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Train Sheds  



This new BGS page developed from a thread running amongst the active BGS e-mail group.
With so much of our recent history obliterated, including the early railways, modellers and historians often have to research information from public record offices and old publications in order to reflect in a model or article with accuracy; but this can be a difficult process.
How much better if time spent researching could be shared with other people interested in similar aspects of our hobby, perhaps allowing the opportunity for others to build models they might not have considered...
So it is hoped this new page will allow people to share their findings, as well as building a better picture of the use of train sheds on the early broad gauge railway.
Much thanks to all the contributors who have helped commpile the information shown here; if you can offer further details please get in touch.  Thank you.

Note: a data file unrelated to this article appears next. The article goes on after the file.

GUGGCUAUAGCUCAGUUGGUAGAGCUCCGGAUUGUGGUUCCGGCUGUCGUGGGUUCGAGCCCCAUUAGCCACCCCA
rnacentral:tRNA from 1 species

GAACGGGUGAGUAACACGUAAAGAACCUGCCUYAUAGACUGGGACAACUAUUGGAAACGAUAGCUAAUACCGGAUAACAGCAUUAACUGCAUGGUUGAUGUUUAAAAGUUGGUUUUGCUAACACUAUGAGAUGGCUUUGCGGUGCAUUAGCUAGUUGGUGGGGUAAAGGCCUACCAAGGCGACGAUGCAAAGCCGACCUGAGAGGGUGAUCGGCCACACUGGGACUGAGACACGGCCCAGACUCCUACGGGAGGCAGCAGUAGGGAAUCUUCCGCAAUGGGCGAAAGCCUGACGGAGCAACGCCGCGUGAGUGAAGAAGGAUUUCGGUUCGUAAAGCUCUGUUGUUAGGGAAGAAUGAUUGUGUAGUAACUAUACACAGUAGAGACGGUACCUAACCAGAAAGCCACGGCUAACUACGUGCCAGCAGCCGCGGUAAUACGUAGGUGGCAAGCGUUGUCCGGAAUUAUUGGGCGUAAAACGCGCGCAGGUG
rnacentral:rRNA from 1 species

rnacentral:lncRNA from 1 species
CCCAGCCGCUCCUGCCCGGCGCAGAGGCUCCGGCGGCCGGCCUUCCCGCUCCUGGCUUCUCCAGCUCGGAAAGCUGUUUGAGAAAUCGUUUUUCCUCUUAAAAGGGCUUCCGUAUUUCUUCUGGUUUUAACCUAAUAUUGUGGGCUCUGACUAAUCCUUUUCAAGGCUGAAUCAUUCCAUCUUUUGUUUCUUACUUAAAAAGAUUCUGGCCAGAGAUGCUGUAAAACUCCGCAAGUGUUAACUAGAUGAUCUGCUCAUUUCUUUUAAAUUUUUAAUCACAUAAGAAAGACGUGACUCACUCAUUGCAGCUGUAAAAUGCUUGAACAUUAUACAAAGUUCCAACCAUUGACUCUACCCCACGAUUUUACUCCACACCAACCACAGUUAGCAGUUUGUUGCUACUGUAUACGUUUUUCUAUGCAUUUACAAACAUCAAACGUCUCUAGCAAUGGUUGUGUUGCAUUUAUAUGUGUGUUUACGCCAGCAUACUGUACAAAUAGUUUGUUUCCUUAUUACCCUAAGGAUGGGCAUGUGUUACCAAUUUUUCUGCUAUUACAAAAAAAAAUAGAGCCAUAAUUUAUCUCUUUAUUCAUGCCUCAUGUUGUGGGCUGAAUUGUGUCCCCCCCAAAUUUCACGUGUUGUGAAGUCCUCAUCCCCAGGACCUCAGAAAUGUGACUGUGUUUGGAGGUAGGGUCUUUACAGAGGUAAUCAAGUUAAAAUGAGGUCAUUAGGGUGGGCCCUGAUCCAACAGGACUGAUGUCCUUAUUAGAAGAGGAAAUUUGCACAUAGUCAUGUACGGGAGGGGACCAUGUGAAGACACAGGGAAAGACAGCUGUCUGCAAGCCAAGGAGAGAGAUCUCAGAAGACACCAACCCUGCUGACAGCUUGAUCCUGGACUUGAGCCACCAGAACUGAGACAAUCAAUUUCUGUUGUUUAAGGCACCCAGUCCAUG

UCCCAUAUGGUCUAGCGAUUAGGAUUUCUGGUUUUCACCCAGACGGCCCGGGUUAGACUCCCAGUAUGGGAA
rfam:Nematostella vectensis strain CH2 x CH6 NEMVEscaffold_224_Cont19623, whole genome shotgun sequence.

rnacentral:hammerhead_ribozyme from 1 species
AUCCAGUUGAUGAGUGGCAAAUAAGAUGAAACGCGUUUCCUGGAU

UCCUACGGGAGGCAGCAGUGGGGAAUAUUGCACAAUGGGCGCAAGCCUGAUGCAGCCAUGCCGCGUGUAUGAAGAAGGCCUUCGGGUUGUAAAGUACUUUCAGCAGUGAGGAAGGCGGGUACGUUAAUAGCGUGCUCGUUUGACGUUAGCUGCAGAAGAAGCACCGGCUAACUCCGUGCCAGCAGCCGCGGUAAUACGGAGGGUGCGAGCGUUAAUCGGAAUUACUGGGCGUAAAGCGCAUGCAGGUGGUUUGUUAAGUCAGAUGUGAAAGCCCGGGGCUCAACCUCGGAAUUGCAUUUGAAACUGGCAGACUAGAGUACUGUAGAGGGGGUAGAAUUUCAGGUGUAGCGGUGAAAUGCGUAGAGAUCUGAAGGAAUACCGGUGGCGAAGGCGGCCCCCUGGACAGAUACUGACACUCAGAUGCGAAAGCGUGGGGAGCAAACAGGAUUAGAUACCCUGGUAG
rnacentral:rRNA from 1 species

Please email information to :

BGS Heritage - Train Sheds - Intro.

A 'Train Shed' or 'overall roof' was quite a common feature at many early broad gauge stations.  In the main they were built at terminus or junction stations connecting to a major line, no doubt adding to the importance of the new railway, whilst showing care for their customers.

Compared with today, trains were relatively short and could be reasonably contained within the length of the roof, affording some weather protection for passengers.  Then overnight, coaching stock - likely a regular set - would have been stabled under the canopy, similar to the adjacent view of Morehampstead station.

With help from many BGS members, known information on train sheds has been collated as shown on the following list - (from clicking on button).

Please use the Search, next page, and column reordering options to explore this list of train sheds.


Note: Additional information and references to help build up this resource are welcomed.